Failing to Emigrate Does Not Mean You Give Consent to the State
Eric Nelson, a Professor Government at Harvard, has published this year a brilliant and imaginative book, The Theology of Liberalism (Harvard University Press, 2019). Nelson, it should be said, is no leftist, despite what you might expect from his Harvard affiliation. To the contrary, he is a conservative and favors, though not to the fullest extent, the free market and private property rights. I hope to address on future occasions his penetrating and original views on the theological roots of "luck egalitarianism" and on libertarian theories of property acquisition and rectification.
For now, though, I propose to consider two arguments that Nelson gives in favor of tacit consent as a basis for political sovereignty. In the first of these arguments, Nelson with characteristic ingenuity turns a standard objection to tacit consent into a point in favor of that very doctrine. Nelson says, "Any plausible theory of popular self-government must … make use of the concept of tacit consent. But it of course does not follow from this fact that the concept is tenable. Perhaps we should simply concede, as Rawlsians do, that there are no self-governing peoples, if by a 'self-governing people' we mean one that has actually consented to be governed by the basic structure of society." (pp.161–62) If by "basic structure" Nelson means a society governed by a state, libertarians will for once be allied with the Rawlsians in rejecting it.
According to tacit consent theory, you consent to obey the state by remaining in the state’s territory for a substantial period of time and participating in various of its activities, such as voting, using the court system, and paying taxes. In brief, the state in effect says to you, "If you stay here, you must follow our rules. If you do follow our rules, you have tacitly consented to obey us. If you don’t want to do so, you can leave and try your luck elsewhere."
The great eighteenth-century philosopher David Hume raised a classic objection to this claim. What if it is very difficult for you to leave? Circumstances might be such that you have no real choice but to remain in a country. In that case, your remaining cannot reasonably be taken as accepting the rules the state establishes.
Nelson quotes the famous passage from Hume that states this objection:
Can we seriously say that a poor peasant or artizan [sic] has free choice to leave his country, when he knows no foreign language or manners, and lives from day to day, by the small wages which he acquires? We may as well assert, that a man, by remaining in a vessel, freely consents to the dominion of the master; though he was carried on board while asleep, and must leap into the ocean, and perish, the moment he leaves her. (p. 162)
Nelson uses Hume’s objection against him by pointing out that there are some people who would not find it hard to leave. They know several foreign languages, for example; they have a great deal of money available to them in foreign countries; and their services are in widespread demand abroad. Does it not follow by Hume’s own objection that these people, by freely remaining in a country, have tacitly consented to obey the state? "The Humean claim is therefore not that no one could be said to have consented tacitly, but rather that 'every individual' could not." (p. 163, emphasis in original)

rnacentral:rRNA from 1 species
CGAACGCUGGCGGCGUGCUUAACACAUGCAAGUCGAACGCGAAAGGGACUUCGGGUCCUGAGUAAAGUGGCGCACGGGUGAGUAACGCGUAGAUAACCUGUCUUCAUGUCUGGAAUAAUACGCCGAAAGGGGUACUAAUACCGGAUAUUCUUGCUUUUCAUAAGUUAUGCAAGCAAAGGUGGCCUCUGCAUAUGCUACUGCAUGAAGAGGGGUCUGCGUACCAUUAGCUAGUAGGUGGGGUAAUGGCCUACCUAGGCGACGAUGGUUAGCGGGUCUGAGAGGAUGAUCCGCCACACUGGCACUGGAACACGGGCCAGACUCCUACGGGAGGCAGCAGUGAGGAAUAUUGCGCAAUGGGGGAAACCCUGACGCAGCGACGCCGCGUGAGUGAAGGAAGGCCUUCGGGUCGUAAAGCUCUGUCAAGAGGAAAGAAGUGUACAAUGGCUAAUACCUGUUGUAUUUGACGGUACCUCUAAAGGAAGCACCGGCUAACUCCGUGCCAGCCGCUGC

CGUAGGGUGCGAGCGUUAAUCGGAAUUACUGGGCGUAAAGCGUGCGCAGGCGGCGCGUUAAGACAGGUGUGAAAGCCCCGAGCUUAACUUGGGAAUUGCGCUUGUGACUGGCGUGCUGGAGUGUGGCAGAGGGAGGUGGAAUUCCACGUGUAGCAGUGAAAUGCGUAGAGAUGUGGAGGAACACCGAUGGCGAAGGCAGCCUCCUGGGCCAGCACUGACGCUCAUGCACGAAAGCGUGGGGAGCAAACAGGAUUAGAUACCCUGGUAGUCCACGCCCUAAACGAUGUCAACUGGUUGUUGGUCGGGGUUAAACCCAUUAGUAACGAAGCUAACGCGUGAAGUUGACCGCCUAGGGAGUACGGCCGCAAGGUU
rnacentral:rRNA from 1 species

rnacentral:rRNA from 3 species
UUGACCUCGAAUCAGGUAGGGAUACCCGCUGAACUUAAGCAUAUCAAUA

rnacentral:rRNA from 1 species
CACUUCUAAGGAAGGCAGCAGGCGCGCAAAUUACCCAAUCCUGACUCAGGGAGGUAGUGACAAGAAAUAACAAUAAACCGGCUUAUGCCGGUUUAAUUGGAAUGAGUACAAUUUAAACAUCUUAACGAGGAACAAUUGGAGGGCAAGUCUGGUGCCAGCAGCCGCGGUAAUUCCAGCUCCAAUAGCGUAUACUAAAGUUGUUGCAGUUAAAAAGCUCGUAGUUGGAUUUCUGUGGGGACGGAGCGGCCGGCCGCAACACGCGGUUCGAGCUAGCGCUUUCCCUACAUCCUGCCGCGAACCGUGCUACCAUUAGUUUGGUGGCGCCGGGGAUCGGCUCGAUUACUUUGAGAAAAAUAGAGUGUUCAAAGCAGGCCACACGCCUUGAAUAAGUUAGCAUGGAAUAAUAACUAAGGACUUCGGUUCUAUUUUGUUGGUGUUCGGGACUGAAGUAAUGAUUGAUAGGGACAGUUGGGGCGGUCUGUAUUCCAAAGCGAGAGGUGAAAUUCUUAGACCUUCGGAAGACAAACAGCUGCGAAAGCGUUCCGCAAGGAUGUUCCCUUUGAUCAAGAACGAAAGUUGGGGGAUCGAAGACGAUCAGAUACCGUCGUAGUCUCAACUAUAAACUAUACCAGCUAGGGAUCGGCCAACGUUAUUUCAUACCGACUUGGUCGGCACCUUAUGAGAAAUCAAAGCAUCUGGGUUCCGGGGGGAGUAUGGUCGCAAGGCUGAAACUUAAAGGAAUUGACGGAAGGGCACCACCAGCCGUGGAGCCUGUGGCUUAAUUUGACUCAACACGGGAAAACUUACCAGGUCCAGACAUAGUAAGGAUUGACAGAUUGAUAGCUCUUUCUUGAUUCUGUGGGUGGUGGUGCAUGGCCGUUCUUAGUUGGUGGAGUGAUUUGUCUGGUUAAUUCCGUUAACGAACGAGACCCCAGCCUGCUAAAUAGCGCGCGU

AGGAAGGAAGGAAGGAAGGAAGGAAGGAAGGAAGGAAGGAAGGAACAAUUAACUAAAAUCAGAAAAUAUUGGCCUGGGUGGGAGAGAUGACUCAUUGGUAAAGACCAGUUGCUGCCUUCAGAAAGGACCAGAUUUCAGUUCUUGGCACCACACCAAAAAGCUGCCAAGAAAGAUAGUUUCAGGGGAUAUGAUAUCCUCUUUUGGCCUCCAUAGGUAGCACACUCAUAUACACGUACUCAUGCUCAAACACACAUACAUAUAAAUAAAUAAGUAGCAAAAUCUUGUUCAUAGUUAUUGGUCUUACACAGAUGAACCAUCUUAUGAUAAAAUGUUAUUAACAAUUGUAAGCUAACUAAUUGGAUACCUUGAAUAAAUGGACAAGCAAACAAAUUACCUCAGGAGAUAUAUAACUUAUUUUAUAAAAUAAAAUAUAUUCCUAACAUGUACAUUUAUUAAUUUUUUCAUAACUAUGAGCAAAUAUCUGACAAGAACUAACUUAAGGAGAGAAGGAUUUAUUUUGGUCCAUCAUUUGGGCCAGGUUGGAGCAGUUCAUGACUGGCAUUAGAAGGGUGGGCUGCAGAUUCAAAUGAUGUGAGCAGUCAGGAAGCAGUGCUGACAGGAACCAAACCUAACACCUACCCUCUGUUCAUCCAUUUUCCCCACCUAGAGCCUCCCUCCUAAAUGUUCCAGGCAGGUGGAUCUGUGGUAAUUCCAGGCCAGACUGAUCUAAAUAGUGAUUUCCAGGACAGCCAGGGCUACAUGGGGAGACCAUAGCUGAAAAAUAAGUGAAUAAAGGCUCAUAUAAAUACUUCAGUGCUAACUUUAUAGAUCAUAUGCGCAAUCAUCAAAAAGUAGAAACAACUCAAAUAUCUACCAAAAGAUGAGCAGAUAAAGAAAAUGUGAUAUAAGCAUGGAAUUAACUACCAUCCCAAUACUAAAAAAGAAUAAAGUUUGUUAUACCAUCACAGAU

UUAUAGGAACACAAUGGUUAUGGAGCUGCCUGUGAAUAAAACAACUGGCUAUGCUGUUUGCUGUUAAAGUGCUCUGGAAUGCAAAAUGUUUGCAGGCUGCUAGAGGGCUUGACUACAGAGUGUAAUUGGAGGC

Can Hume’s objection be used, as Nelson proposes to do, to show that some people have tacitly consented to the state? No, it cannot. Nelson has committed a logical fallacy. The tacit consent argument is "By freely remaining within the state’s territory, you have tacitly consented to obey the state." Hume’s objection is that some people are not free to leave, so the tacit consent argument does not apply to them. But this does not commit him, one way or the other, on whether the people who are free to leave have tacitly consented to obey the state. To say that some people do not meet a condition for an argument to apply to them is not to say that for those who do meet it the argument holds good.
An analogy may make the point clearer. Suppose I were to say, "If you voluntarily click on my article, you must send me a check for $150." To point out that there may be people who clicked on my column accidently does not imply that I have given a good argument that those who clicked on it voluntarily owe me the money.
Nelson goes on to suggest that Hume himself believed that those who voluntarily participated in a common enterprise are bound by its rules, a claim that even if true is irrelevant to the logical fallacy I have just discussed. Nelson says, "'Two men,' he [Hume] famously observes, 'who pull the oars of a boat, do it by an agreement or convention, tho' they have never given promises to each other.'" (p. 162, quoting Hume)
Hume’s example is a good one, but it is irrelevant to the issue of political allegiance. People can certainly make tacit agreements to cooperate, but it does not follow from their doing so that they are bound to continue the scheme of cooperation. In Hume’s example, if the two rowers stop rowing together, the boat will stop, but why would that be a bad thing? We may imagine cases where it would be bad, for example that if they stop rowing together they will be left adrift in the ocean to die. To make the example closer to obedience to the state, we may suppose that unless the rowers obey the orders of the captain, they will perish.
Here, though, we must ask, how close is this case to that of people who live within the territorial limits of a modern state? Would they perish, or return to a Hobbesian war of all against all, if they ceased to obey the state? Libertarians, who believe that people can establish voluntary defense agencies without benefit of the state, do not think so, and Nelson has done nothing to show that we are mistaken in so thinking.